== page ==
Moving to TV acting was a good move for Cyrus, for far greater success lay in store for him when he began to appear on TV. In 2001, he landed the lead role in the comedy drama series 'Doc', which went on to become the ION TV network’s highest-rated show. Cyrus felt far more comfortable playing in a family-oriented show, and decided to focus on TV acting rather than movies. His television credits include 'The Nanny', 'Diagnosis Murder', 'Love Boat', 'The Next Wave', and TNN’s '18 Wheels of Justice'. In 2004, he made a guest star appearance in the Canadian teen drama 'Degrassi: The Next Generation'. The following year, he acted and danced live on stage in Toronto, when he played the role of Frank Butler in 'Annie Get Your Gun'.

Interestingly, Cyrus has also appeared in several television documentaries that relate the story of his own rise to fame and stardom. These include two ABC documentaries, respectively entitled 'Dreams Come True' and 'A Year On The Road'. TNN have also produced two special programmes about Cyrus; these are called 'I Give My Heart To You' and 'The Life and Times of Billy Ray Cyrus'.

Cyrus also achieved a new level of stardom towards the end of 2005, when he began co-starring in the Disney Channel original TV series, 'Hannah Montana', alongside his young daughter Miley. After 'Doc' completed its run, Cyrus had actually decided that he wanted to take a break from acting but then the producers of Hannah Montana announced they were looking for someone to play the part of the father on the show. Cyrus initially refused to audition for the part of playing his real life daughter’s stage dad but his wife and daughter kept on pushing him, insisting that he was the perfect person to play the role. 'Hannah Montana' premiered to one of the largest audiences ever recorded on the Disney Channel and became an overnight success.

In 2007, Cyrus diversified his career still further when he appeared with several other celebrities to take part in the U.S. version of 'Dancing With The Stars'. Sadly, he and his partner, Karina Smirnoff, were eliminated in week eight. Also in 2007, Cyrus filmed the music video for his latest hit single, 'Ready, Set, Don’t Go', which he dedicated to his daughter Miley; the video naturally included clips from Hannah Montana.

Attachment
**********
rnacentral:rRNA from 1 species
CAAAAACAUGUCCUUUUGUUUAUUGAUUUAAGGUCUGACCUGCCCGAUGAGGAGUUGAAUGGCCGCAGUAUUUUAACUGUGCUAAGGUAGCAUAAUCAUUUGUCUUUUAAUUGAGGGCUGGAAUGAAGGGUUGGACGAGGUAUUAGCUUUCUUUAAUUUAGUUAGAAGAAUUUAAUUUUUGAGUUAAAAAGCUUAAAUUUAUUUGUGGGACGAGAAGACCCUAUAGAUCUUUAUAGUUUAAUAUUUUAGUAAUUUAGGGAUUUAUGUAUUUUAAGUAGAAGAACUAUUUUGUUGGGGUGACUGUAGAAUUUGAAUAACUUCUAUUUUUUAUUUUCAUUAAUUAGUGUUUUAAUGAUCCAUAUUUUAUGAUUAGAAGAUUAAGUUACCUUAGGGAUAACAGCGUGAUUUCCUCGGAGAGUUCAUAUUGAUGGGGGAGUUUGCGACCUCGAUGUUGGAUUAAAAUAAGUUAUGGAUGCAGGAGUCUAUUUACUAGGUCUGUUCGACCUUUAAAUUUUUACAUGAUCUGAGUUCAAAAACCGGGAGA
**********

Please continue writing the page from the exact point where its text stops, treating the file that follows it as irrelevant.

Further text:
Cyrus has been married twice, and has several children. Between 1986 and 1991, he was married to Cindy Smith, with whom he co-wrote the hit song, 'Where’m I Gonna Live?', which was featured on the album he brought out in 1992, namely 'Some Gave All'. In December 1992, he married his childhood sweetheart, Leticia 'Tish' Finley, to whom he is still married. Together, Cyrus and Tish have three children; daughters Miley Rae, who is also called Destiny/Hope, Noah Lindsay and their son, Brandon Chance. Cyrus also has two adopted stepchildren: Trace, and Brandi, as well as a son from a previous relationship, who’s called Christopher Cody.

In 2006, Cyrus' recording career experienced a second flowering. He released a new album called 'Wanna Be Your Joe', which succeeded in going gold - the first of his albums in eight years to do so - despite the fact that it failed to produce a hit single. Cyrus released his tenth studio album, 'Home At Last', in 2007, on the Disney label. The album debuted at number 20 on the American Billboard charts, and succeeded in re-establishing Cyrus as a major personality in American country music. Cyrus' latest album, 'Love Songs', a retrospective collection of songs taken from his best-selling albums released on the Mercury label, was released early in 2008.

In addition to his musical achievements, Cyrus also holds several awards for the work he has done for various charitable organisations. In 1999, he received the International Entertainment Buyer Association’s “Humanitarian Of The Year” Award for his philanthropic work. He has also been honoured by the Country Radio Broadcasters, and by the Kennedy Center Honors, which recognised and acknowledged his work with children. He also received the first ever Bob Hope Congressional Medal of Honour Society Entertainer’s Award for his dedication to helping others.